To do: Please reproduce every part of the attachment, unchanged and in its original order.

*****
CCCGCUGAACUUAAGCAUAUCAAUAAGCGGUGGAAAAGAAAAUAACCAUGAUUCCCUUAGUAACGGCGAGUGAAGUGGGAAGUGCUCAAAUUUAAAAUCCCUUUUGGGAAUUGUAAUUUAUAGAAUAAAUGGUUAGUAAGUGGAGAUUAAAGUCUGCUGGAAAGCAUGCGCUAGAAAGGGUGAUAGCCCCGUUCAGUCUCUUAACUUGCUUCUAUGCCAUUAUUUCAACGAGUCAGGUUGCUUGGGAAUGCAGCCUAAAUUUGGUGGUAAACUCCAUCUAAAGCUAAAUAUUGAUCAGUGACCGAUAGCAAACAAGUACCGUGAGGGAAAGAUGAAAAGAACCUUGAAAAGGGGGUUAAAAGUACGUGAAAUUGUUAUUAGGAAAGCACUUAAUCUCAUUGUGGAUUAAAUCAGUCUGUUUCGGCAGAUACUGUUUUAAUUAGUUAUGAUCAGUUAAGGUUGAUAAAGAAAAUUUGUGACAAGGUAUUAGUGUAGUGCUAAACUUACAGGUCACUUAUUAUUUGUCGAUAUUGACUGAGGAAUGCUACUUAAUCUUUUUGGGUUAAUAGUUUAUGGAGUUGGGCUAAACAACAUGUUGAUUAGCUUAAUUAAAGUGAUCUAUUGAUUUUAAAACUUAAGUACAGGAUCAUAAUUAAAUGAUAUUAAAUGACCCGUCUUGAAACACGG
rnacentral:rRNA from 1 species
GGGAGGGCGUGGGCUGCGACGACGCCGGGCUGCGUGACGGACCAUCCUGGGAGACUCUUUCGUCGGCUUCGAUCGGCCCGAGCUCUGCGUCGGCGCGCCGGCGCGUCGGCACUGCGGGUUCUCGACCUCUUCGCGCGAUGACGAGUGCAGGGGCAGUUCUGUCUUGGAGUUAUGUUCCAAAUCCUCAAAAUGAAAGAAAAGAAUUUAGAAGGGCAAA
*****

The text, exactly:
CCCGCUGAACUUAAGCAUAUCAAUAAGCGGUGGAAAAGAAAAUAACCAUGAUUCCCUUAGUAACGGCGAGUGAAGUGGGAAGUGCUCAAAUUUAAAAUCCCUUUUGGGAAUUGUAAUUUAUAGAAUAAAUGGUUAGUAAGUGGAGAUUAAAGUCUGCUGGAAAGCAUGCGCUAGAAAGGGUGAUAGCCCCGUUCAGUCUCUUAACUUGCUUCUAUGCCAUUAUUUCAACGAGUCAGGUUGCUUGGGAAUGCAGCCUAAAUUUGGUGGUAAACUCCAUCUAAAGCUAAAUAUUGAUCAGUGACCGAUAGCAAACAAGUACCGUGAGGGAAAGAUGAAAAGAACCUUGAAAAGGGGGUUAAAAGUACGUGAAAUUGUUAUUAGGAAAGCACUUAAUCUCAUUGUGGAUUAAAUCAGUCUGUUUCGGCAGAUACUGUUUUAAUUAGUUAUGAUCAGUUAAGGUUGAUAAAGAAAAUUUGUGACAAGGUAUUAGUGUAGUGCUAAACUUACAGGUCACUUAUUAUUUGUCGAUAUUGACUGAGGAAUGCUACUUAAUCUUUUUGGGUUAAUAGUUUAUGGAGUUGGGCUAAACAACAUGUUGAUUAGCUUAAUUAAAGUGAUCUAUUGAUUUUAAAACUUAAGUACAGGAUCAUAAUUAAAUGAUAUUAAAUGACCCGUCUUGAAACACGG
rnacentral:rRNA from 1 species
GGGAGGGCGUGGGCUGCGACGACGCCGGGCUGCGUGACGGACCAUCCUGGGAGACUCUUUCGUCGGCUUCGAUCGGCCCGAGCUCUGCGUCGGCGCGCCGGCGCGUCGGCACUGCGGGUUCUCGACCUCUUCGCGCGAUGACGAGUGCAGGGGCAGUUCUGUCUUGGAGUUAUGUUCCAAAUCCUCAAAAUGAAAGAAAAGAAUUUAGAAGGGCAAA